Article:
“On the Beach” is not so much about the end of the world, as it is about a large group of people who have to come to terms with the fact that they will die very soon. As most of the world has been destroyed by nuclear radiation, survivors have huddled in a small town in Australia far away from the fallout. But they soon learn it’s headed their way thanks to wind currents, and there’s no stopping it. We then view the requiem of mankind, as government officials continue to struggle to find a way to solve the problem, and then face that there’s simply no solution.
From there on, we follow a small group or characters that have managed to find a temporary safe haven from the radiation and rather than submit to panic and terror, they use their last days of sealing old scars, confronting old conflicts, and saying goodbye to the ones they love dear. Among a brilliant cast of performers like Gregory Peck, Ava Gardner, Fred Astaire, Anthony Perkins, Donna Anderson, and more, Kramer visits various ideas about life’s regrets and unfulfilled potential we never reach thanks to death.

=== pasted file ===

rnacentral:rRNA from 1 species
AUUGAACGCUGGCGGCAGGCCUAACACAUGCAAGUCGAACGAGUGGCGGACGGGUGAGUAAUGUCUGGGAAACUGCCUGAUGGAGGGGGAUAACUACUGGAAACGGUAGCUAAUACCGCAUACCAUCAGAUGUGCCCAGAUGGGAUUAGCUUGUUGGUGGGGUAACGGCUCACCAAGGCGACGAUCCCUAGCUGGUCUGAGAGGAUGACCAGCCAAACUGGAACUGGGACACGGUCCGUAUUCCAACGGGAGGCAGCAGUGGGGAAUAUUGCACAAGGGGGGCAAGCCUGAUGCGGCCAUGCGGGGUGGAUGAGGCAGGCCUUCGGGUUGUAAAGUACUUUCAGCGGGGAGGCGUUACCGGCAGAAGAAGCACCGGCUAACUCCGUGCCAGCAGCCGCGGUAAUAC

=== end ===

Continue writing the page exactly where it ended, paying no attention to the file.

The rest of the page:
Most tragic of the dilemmas involves Peter Holmes who has a beautiful newborn daughter, and knows that she won’t be able to see it through a year. He and his wife Mary are constantly embroiled in the lingering reminder of apparent death, while Mary is in pure denial and is certain all is not lost, especially when a crew journeys into the city in a submarine to answer the Morse code SOS from an apparent survivor. The most interesting element of “On the Beach” is the idea of the inevitability of death, and how one must accept it as a phase of life whether it approaches sooner or later.
“On the Beach” is one of the few thrillers that never attempts to sugar coat what is inescapable, and Stanley Kramer further induces that theme as he features desolate cityscapes of the highly radiated San Diego void of any human life or corpses, as well as droves of people lining up at hospitals to receive their cyanide pills. Even moments of happiness like fishing and romance are blanketed with sheer dread. Director Kramer’s drama is a bleak and heart wrenching tale of the end of the world, and a beautiful masterpiece about humanity’s last days for better and for worse.